Coronavirus in New York City
Last Update: Wednesday, April 1, 2020, at 9:38 PM
Due to government restrictions, The Blanch Law Firm is working remotely, but we remain available by telephone and have been communicating with many of our clients via video conference.
Virtually all court appearances are being rescheduled, but we are willing and able to do whatever is necessary to keep you apprised as the procedures surrounding the novel coronavirus (COVID-19) develop.
Please feel free to check our “New York Court Procedures and E-Filing During Coronavirus (COVID-19)” page for the latest developments.
We hope that you and your families are all remaining healthy and safe. For a look into how coronavirus is affecting attorneys, check out this note from an attorney regarding her new daily routine:
How Attorneys Are Coping With Coronavirus (COVID-19) in New York
A Note From Our Partner, Elena Fast:
Due to COVID-19, the past few weeks of our practice have been very different. My routine of the past 2 and a half years is completely disrupted.
Instead of taking the 7:29 AM train to Penn, I now have a thirty-second commute to my kitchen island, that is now cluttered with my laptop, Ipad, client files and tomato seedlings that are slowly emerging from a plastic container, not yet ready to be planted outside. I wear my finest athleisure outfits to my makeshift office, although I always put on a blazer for video calls with clients and conferences with the Court.
In times of COVID-19, Court formalities are still held in high regard, even though the Judge, the attorneys, and the Court reporter are communicating from the comfort of their homes.
I find myself drinking a lot more coffee because somehow, that is the only thing that comforts me in these times of uncertainty. It’s a warm reminder of how my day started at the office before COVID-19, and how much I enjoy working with our team at Blanch in real life. Although we see each other regularly on Zoom to talk about our cases, it’s not the same as popping in next door for a few minutes to talk about Judge Torres’ new decision or strategize before a client meeting.
I am thankful for the practice of law becoming more human over the past few weeks. I am thankful that opposing counsel, courts and our clients are all in agreement that cases involving incarcerated clients take priority pretty much over all other matters.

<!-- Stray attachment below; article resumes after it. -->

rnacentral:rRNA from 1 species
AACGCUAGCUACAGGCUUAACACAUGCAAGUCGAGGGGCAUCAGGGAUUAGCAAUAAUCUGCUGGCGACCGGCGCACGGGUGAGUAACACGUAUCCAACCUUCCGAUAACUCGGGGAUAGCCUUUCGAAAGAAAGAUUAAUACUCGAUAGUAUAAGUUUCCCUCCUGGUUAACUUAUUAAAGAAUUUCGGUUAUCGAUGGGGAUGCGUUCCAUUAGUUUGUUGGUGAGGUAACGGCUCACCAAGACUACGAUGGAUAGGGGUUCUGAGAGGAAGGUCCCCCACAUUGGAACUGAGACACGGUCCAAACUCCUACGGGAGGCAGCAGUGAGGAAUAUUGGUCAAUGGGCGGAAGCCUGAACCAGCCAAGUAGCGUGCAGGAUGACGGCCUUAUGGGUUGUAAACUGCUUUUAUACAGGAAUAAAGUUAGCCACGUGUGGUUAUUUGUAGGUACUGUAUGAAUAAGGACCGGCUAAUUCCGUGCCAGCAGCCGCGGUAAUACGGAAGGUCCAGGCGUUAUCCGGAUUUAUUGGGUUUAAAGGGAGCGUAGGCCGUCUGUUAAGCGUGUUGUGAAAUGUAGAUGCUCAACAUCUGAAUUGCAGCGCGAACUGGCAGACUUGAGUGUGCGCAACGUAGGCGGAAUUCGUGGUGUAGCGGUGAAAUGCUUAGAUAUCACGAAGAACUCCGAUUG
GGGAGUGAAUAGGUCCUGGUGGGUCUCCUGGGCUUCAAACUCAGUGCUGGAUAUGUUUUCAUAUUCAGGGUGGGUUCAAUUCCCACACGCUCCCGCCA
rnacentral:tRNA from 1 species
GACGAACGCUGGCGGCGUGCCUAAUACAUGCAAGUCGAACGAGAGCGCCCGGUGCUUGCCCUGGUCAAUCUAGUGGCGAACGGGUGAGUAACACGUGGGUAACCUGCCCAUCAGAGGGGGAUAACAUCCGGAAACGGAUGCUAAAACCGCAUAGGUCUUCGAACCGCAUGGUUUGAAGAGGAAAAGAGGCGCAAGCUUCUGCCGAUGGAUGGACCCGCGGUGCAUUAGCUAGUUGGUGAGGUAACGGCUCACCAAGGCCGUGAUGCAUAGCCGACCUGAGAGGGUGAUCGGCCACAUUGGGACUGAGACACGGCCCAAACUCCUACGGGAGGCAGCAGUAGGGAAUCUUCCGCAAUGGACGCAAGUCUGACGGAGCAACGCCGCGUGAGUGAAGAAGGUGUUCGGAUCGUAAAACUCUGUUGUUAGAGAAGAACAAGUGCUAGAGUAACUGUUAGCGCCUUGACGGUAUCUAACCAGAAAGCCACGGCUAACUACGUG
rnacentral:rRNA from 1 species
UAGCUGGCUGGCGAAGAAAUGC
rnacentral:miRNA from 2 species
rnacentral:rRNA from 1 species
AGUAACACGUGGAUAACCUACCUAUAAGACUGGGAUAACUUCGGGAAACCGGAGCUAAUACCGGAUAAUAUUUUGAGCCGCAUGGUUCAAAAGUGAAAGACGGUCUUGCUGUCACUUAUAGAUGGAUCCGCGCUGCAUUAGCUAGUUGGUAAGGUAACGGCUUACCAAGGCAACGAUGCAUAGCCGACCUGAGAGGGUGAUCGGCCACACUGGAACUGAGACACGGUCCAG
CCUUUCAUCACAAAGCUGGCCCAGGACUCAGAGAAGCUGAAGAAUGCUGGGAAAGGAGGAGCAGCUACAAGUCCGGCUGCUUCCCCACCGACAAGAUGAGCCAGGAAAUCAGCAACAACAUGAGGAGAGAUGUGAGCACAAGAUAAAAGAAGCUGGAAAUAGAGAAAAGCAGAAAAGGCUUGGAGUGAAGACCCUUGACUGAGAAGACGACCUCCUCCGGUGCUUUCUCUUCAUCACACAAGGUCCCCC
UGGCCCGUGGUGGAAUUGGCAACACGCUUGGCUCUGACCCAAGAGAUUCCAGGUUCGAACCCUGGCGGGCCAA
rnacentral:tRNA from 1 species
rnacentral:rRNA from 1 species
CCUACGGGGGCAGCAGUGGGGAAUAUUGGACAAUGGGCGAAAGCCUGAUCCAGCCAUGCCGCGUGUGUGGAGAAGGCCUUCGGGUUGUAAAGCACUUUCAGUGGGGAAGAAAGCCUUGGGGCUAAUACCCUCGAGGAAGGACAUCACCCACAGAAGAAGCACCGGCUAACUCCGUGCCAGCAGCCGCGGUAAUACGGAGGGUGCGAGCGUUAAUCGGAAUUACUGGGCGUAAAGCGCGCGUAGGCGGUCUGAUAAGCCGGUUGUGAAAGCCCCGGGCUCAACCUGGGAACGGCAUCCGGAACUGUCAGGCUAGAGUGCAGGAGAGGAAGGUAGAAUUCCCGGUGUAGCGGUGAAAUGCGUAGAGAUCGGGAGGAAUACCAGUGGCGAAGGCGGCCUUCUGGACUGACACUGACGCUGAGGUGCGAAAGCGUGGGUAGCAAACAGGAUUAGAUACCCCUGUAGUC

We have been working non-stop on modifications of bail conditions for clients awaiting trial and on compassionate release applications for the sentenced clients.
This time-consuming work involves voluminous calls with the Bureau of Prisons, opposing counsel, the Courts and our clients and their families. As difficult as it is for all of us to self-quarantine and follow CDC’s Guidance, self-quarantine and social distancing are impossible in prisons. Inmates are not provided with personal protection equipment or bleach and are unable to voluntarily isolate themselves from the other individuals on their cell block.
I am thankful for the practice of law becoming less adversarial, at least for the time being. Last week, for example, a New Jersey correctional facility cancelled all attorney client video visits and required that all attorneys appear at the facility in person to communicate with their Clients.
No one at our firm was able to go see our client in person because the State of New York deemed attorneys not to be “essential workers,” thus we were all unable to leave the house for any work activity. Not only did the assigned prosecutor give me a number for a Captain at that jail, a personal friend of his, but he has gone above and beyond to ensure that my client is able to call us privately through her social worker.
By the time we return to business as usual, my tomatoes will most likely be residents of the outdoor garden.
After this quarantine, I will never complain about covering night arraignments, or working 20-hour days at the office during trial. I do hope that knowledge of how much more we can all accomplish with a little more kindness and civility stays with me and the rest of the bar.
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